Can you ever have too much truck?

Evidently, yes.  Someone posted a comment that there is a sticker on the side of the frame tongue that indicates you should not tow a [email protected] 320S with anything bigger than a 3/4 ton truck or van.  I called NuCamp to clarify this.  The problem is 1 ton+ trucks have suspensions that are too stiff to pull a small trailer like a [email protected]  Without flex, all of the road stress (bumps, sway, etc.) goes directly to the tongue of the [email protected]  Over time, that stress could cause problems with the frame.  In lower weight cars/trucks, the road stress is shared between the vehicle’s suspension and the [email protected] 
2017 [email protected] Max S
2017 Jeep Wrangler Unlimited Sahara
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Comments

  • Sharon_is_SAMSharon_is_SAM Moderator Posts: 5,466
    That’s a good reminder.  We all fixate on the minimum requirements and forget about the upper limits.  Now I wonder about the TVs of the TaBs with frame cracks.  
    Sharon / 2017 [email protected] CSS / 2015 Toyota Sienna Minivan / Westlake, Ohio
  • JohnDanielsCPAJohnDanielsCPA Member Posts: 222
    That was my thought as well.  I’ve been pulling my [email protected] for the last year behind an F350 dually diesel truck.  Guess I had better take a close look at that frame!
    2017 [email protected] Max S
    2017 Jeep Wrangler Unlimited Sahara
  • PhotomomPhotomom Member Posts: 2,206
    That’s interesting. I’ve seen that before and wondered why. 
    John and Henrietta, Late 2016 [email protected] S Max in Western New York
  • TabsterTabster Member Posts: 115
    A true case of bigger is not always better!
    2015 CS. Ford f150 v8. Southern california
  • mrsreevesmrsreeves Member Posts: 1
    Hi there! I'm late to the party! I'm picking up a 2016 [email protected] 320 S Sofitel on Friday and towing with a 2014 F-350 diesel. Came across this thread and I'm slightly concerned now. Did anyone ever get more info on this?
  • DougHDougH Member Posts: 653
    But a cheap 120V flux core welder fits easily with a 20A generator in the back of a 1 ton long bed.  After a few on the road frame repairs and 10lbs worth of fresh 75kpsi steel on the weak points it'd be set for anything but rock climbing? 
    2014 328d diesel wagon, 2016 [email protected] S Max, D/FW Texas

  • ChanWChanW Member Posts: 2,642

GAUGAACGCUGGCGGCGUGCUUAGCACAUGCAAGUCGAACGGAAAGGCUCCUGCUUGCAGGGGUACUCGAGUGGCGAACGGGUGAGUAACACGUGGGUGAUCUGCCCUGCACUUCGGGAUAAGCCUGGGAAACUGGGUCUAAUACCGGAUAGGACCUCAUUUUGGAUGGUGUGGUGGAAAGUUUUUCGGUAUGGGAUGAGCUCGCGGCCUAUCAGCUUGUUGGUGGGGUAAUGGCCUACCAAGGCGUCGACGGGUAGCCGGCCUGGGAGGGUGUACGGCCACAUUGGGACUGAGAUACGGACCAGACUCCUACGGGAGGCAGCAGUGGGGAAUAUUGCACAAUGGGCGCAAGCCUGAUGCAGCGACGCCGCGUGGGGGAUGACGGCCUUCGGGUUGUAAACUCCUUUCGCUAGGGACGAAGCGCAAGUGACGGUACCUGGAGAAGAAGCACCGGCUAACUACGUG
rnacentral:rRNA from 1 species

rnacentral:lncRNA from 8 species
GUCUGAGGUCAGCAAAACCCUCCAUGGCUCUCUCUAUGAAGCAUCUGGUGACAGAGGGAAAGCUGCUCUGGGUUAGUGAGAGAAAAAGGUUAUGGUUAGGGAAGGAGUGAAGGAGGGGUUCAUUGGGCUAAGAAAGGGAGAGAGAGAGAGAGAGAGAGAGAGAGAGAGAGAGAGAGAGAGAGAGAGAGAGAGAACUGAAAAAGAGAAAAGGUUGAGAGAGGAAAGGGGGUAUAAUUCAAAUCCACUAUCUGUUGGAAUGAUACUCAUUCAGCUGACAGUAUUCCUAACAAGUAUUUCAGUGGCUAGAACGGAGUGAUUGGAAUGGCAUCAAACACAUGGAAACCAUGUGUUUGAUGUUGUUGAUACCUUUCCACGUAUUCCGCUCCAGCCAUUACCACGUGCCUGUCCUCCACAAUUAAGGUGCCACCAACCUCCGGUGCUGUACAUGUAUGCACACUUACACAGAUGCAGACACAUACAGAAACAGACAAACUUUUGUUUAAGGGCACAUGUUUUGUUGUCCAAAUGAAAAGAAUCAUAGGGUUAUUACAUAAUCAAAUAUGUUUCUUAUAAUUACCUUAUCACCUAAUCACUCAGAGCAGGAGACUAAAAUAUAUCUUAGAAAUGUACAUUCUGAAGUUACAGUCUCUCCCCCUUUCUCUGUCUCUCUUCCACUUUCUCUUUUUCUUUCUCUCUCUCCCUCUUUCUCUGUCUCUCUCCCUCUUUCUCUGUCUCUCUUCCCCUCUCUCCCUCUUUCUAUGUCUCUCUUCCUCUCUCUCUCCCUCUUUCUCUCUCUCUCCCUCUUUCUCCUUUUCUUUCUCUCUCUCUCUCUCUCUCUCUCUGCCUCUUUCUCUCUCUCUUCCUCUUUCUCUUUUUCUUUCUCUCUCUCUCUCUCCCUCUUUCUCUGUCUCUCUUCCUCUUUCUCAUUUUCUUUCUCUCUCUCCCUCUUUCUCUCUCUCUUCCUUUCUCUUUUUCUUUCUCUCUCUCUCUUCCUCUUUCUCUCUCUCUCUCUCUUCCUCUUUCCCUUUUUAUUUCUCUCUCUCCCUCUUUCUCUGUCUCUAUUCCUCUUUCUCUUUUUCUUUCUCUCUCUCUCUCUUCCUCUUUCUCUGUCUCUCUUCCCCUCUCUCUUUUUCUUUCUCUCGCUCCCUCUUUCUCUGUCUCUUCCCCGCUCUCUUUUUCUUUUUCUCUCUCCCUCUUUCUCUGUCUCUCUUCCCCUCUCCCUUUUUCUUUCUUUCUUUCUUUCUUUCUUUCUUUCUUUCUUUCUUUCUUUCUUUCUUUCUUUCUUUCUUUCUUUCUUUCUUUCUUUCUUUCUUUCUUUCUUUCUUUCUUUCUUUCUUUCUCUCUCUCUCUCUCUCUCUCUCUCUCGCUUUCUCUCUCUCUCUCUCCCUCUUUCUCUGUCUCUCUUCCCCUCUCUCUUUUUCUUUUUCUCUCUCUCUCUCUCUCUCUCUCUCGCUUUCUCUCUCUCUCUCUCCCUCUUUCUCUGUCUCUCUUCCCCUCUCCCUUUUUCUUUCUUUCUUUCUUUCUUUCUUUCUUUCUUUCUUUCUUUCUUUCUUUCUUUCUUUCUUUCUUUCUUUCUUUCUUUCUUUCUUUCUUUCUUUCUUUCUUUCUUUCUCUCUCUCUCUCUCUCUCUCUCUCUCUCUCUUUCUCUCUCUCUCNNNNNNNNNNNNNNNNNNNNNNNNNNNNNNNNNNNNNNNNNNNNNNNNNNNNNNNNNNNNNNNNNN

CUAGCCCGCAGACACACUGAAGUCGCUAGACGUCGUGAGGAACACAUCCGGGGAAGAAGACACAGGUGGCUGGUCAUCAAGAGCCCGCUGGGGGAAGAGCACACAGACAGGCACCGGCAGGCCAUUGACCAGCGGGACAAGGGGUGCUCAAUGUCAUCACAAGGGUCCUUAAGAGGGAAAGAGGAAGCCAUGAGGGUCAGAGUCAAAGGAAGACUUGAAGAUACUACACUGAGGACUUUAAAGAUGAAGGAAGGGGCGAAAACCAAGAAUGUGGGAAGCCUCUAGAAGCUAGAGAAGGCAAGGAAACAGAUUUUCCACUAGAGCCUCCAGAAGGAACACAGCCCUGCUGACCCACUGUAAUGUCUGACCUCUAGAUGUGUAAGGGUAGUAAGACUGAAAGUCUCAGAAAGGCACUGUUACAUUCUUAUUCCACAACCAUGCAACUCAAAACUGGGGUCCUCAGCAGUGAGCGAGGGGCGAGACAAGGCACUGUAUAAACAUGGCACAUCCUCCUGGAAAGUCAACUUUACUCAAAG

edited May 2019
     :o see? There's a solution to every problem! (With a big enough truck!)  ;)
    DougH said:
    But a cheap 120V flux core welder fits easily with a 20A generator in the back of a 1 ton long bed.  After a few on the road frame repairs and 10lbs worth of fresh 75kpsi steel on the weak points it'd be set for anything but rock climbing? 
    Chan  -  Buffalo NY (Beau Fleuve)
    2014 S Maxx - 2011 Tacoma 4cyl
     
     [email protected]'ll_Do_Ya
  • LuckyjLuckyj Member Posts: 286
    Pull tye truck bed, remove the axle from the TD, cut the tongue et Voilà, a [email protected] truck camper!  ;)
    2017 [email protected] Max Outback "Le Refuge"
    TV 2005 jeep TJ unlimited
    and/or 2005 Nissan X-Trail 4wd
    Alaskan Malamuthe on board!

    Les Escoumins and Petite-Riviere-St-Francois QC
  • WilliamAWilliamA Member Posts: 117
    I'm late to this one.  Speaking only for myself, if I had a one ton, I'd simply get a soft-ride suspension hitch insert. They come in lots of flavors and weight ratings from simple torsion cushions up to fully adjustable air-bag units.  They are spendy, but much less than a new truck...

    WilliamA
    2018 Jeep Wrangler Rubicon
    What remains of a 2017 [email protected] XL
    Can generally be found around west-central Wisconsin.  Otherwise, out looking for smallmouth bass, questing for the elusive 25+" monster....
  • N7SHG_HamN7SHG_Ham Member Posts: 863
    I tow with a Ram 2500, heavy combo when towing the 400. I am right at GVW on the truck. This combo drives and tows well and have not observed anything getting thrashed in the trailer.

    On Rams of my vintage, the 3500 added dual wheels and maybe a little more spring pack, but I think axle and frames are the same.

    I think it depends, newer trucks are getting higher and higher GCVW ratings and mine is older with a lower rating. The Rams in my vintage were heavy empty and this one is my work truck with tools, I am over 8000 on the truck 💯 of the time. That with a heavy hitch of the 400 adds another 500 to the truck pushing it right to gross weight rating. That may help with ride and harshness. I honestly would rather put 500 miles of windshield time in the truck than most cars, I am less tired at end of day.

    Of course I am meeting the NuCamp 3/4 ton and less requirements, but obviously a differing outcome than @dragonsdofly has experienced both with 2500 trucks.
    2019 [email protected] 400 Boondock Lite
  • BrianZBrianZ Member Posts: 1,135